APS Trophy on APC Namer. | (c) Israeli MoD

APS Systems
Exposure of precious battle tanks to enemy anti-tank missiles had disastrous results in 1973 and forced Israel to improvise on armor. Passive armor provides more than a meter of rolled homogeneous armor (RHA) in Merkava and Namer fronts. Still, Israel committing fully to protect lives after the Yom Kippur War, wanted more. Today both vehicles carry an Active Protection System (APS). The Trophy was the first to be operational during operation PROPECTIVE EDGE in 2014[12][13]. The system promises protection in a 360-degree arc while it is designed to handle only those enemy missiles that are certain to hit the carrier. The effectiveness of Trophy could explain why Carmel, although armored, will be much lighter than Namer.  Apart from Trophy, there is also IronFist system, which has been selected by the US and the Dutch Army. A more advanced APS, a combination of Trophy and IronFist, has been decided to be developed to fit into future Israeli armor[52].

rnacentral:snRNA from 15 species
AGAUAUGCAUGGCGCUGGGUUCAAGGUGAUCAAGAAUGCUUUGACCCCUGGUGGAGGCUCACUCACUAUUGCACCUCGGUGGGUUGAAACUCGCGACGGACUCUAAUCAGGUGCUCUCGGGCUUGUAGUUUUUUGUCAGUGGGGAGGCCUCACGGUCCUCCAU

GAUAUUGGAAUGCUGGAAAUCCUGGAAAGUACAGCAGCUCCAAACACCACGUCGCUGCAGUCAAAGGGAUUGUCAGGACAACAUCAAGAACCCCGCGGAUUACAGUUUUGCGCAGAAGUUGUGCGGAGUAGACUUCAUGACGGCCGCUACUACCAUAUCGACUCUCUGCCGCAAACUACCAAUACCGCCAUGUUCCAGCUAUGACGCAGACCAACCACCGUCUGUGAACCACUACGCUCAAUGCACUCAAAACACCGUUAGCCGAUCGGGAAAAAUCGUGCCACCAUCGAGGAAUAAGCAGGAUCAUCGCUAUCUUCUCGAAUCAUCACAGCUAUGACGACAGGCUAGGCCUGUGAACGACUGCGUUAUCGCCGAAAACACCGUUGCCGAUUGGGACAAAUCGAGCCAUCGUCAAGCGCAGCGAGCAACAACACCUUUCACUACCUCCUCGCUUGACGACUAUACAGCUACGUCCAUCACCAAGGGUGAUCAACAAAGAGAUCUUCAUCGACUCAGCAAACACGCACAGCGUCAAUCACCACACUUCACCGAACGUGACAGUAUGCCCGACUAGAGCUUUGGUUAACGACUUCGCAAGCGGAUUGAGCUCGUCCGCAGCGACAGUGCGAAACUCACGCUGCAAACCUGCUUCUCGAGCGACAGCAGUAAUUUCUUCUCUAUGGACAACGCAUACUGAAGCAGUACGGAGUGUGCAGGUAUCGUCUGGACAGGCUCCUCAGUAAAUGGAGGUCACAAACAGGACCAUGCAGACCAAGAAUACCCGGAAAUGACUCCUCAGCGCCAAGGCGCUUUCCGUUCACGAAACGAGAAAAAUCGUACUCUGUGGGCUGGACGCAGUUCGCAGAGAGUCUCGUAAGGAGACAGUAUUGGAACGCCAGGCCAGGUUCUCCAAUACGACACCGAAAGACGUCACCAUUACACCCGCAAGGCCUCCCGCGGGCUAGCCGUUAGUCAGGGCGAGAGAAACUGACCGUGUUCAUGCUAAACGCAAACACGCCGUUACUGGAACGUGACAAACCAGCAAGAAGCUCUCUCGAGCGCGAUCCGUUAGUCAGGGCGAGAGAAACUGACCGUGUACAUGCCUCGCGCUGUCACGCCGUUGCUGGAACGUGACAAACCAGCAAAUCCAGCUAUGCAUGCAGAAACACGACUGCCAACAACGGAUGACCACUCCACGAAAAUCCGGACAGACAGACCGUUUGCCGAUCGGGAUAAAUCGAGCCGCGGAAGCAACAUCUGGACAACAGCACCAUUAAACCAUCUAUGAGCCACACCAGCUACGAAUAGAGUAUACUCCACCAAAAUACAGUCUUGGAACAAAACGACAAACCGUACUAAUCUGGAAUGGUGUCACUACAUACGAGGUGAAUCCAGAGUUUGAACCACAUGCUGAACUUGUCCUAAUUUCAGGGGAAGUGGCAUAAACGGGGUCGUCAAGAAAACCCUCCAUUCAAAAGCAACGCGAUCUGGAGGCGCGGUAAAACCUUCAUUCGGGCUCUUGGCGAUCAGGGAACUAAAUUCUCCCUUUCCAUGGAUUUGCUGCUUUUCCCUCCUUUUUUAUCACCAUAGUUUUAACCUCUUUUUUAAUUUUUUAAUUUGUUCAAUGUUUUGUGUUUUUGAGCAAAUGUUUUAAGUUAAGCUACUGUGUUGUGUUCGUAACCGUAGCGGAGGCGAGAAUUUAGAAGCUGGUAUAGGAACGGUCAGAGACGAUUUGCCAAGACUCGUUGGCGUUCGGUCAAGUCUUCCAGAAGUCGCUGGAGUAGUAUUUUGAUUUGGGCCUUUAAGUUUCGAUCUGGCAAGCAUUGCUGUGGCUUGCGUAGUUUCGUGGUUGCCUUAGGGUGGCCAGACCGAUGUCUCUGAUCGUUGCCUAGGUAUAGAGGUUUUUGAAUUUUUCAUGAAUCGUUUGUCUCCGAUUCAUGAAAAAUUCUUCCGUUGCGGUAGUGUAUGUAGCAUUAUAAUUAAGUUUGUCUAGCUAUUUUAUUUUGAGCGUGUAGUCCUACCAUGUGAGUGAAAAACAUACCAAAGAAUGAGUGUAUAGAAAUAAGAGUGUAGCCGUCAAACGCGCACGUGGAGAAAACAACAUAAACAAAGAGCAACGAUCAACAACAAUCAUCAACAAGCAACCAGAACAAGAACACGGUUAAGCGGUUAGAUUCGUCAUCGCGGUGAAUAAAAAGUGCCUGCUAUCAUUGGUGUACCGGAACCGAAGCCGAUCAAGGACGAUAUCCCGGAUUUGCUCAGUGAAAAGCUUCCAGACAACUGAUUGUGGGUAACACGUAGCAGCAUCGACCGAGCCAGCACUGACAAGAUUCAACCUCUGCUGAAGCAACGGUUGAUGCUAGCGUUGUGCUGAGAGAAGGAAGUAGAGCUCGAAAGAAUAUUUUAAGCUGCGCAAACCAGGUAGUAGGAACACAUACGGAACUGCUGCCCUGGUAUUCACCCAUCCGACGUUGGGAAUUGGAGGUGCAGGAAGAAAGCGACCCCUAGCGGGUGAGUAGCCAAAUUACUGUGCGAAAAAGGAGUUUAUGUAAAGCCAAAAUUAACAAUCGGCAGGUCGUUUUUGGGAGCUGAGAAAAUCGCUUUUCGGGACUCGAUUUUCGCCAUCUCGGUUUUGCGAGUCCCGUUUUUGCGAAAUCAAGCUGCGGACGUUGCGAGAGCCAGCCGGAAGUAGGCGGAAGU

The main objective remains to improve safety of staff and vehicles, with technology that provides complete awareness of tactical situation and around visibility without soldier’s exposure. These features are particularly useful for Urban operations. For example, Dragon Fire Control System, installed at Achzarit APC and Puma CEV, recognizes via external cameras and radar under various weather and combat conditions day or night distant targets, and allows for short bursts of accurate fire at a reactive range of 1,500 meters.